Example 1: "Science is awesome. Astrophysicists have this cool term, 'spaghettification,' that they use to refer to what an object experiences when it's pulled into a black hole. The objects are stretched out, very long and very thin, like a spaghetti noodle."
      Example 2: "Martha got another visit from her 'friend' Tom last night and kept the whole floor awake until two in the morning.

      The first example is a technical term; the quotation marks call attention to the word, then the next sentence explains what it means. Slang can also be marked and explained in this way, if you think it's necessary. The second example is an unusual usage, specifically sarcastic usage, since the word "friend" is being used to mean something other than what it normally means. This usage is why people sometimes make motions like quotation marks (AKA air quotes) with their fingers when they're using a word in a sarcastic or euphemistic manner.

      If you don't like using quotation marks like this, you can always italicize the word instead. It can also be perfectly fine to not call any special attention to them with formatting, so long as the meaning is made clear in some other way.
    • There are some other uses for quotation marks that are less common for dialogue, so I'll go over them in short. Nicknames inserted into someone's full name usually have quotation marks around them. They can be used when referring to a particular word in a sentence. They can also be used to refer to a specific letter. They can be used to indicate titles of books and movies and so forth. They're also used to give measurements of length in inches.

      Example 1: Bobby "Cheeseball" Jones
      Example 2: The word "cheese" just sounds delicious.
      Example 3: My favorite letter is "C" because these examples are all cheese themed.
      Example 4: "The Wonderful World of Cheese" is my favorite documentary.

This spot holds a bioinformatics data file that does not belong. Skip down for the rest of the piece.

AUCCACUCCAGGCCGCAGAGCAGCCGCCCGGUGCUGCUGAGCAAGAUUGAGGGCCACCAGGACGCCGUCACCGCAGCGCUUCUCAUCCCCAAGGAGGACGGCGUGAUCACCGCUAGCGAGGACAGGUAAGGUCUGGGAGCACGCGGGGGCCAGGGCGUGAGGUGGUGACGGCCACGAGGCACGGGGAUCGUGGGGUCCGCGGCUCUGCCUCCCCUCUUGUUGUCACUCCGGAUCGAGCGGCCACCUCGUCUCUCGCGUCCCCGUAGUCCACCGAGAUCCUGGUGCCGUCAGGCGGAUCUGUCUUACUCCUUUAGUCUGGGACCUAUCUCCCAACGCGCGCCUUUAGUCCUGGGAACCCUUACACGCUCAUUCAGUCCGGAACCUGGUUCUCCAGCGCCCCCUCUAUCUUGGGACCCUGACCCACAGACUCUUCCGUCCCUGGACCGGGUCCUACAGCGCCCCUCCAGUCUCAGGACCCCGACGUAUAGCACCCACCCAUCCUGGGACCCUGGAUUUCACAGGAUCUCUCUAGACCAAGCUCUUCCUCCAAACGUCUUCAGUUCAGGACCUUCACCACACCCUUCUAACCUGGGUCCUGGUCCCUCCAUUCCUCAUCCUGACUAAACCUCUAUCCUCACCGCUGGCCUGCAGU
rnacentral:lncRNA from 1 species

Example 5: This cheese is 1'3" tall.

      Note that none of these are lines of dialogue. For the first four, you can simply replace the quotation marks with apostrophes if the thing is being spoken aloud. For #4, and for the use of the title of things like books and movies, you can use italics or underlined text to show that it's a title; they're all valid means of marking titles, so use whichever one feels right to you. #5 is a bit of an annoyance, because you can't actually change the punctuation without destroying the meaning. If you insist on using the numbers for the measurement even in dialogue, always use an apostrophe for the number of feet and always use a quotation mark for the number of inches. It's cleaner and probably looks nicer to switch to actual words for dialogue, but it's not grammatically incorrect to use the number version, so make your own choice on the matter.

    Other Punctuation

    The things that seem to cause the most confusion about dialogue are other kinds of punctuation used with quotation marks. What the heck do you do with an exclamation mark at the end of a sentence? What if someone is asking a question about something another person said, but the quoted text wasn't a question itself? This section answers those questions and more.

    • Periods are the easiest punctuation to use with quotation marks. Just put them at the end of your sentences as usual, then put the closing quotation mark to the right of the period when it becomes necessary. Nothing special or fancy about it, just throw the quotation mark after it.

      Example 1: "Periods are periodical."

      Also, since it's not worth making a separate tab for them since they work the same way, ellipses and dashes also go inside the quotation marks. Just remember that, as far as dialogue is concerned, ellipses indicate a long pause or trailing off and dashes indicate an abrupt interruption.

      Example 2: "You just made a joke about..." Zach shook his head slowly and walked away.
      Example 3: "That's kind of fu-" Sara cut herself off as she realized that commenting on a menstruation joke just wasn't worth the effort.
    • Commas can be a source of annoyance when writing dialogue, but there are some general rules to follow that can clear things up. Whenever you're using a variation or synonym of the word 'said' to indicate that someone is speaking, you'll almost always want to use a comma to separate it from the spoken words.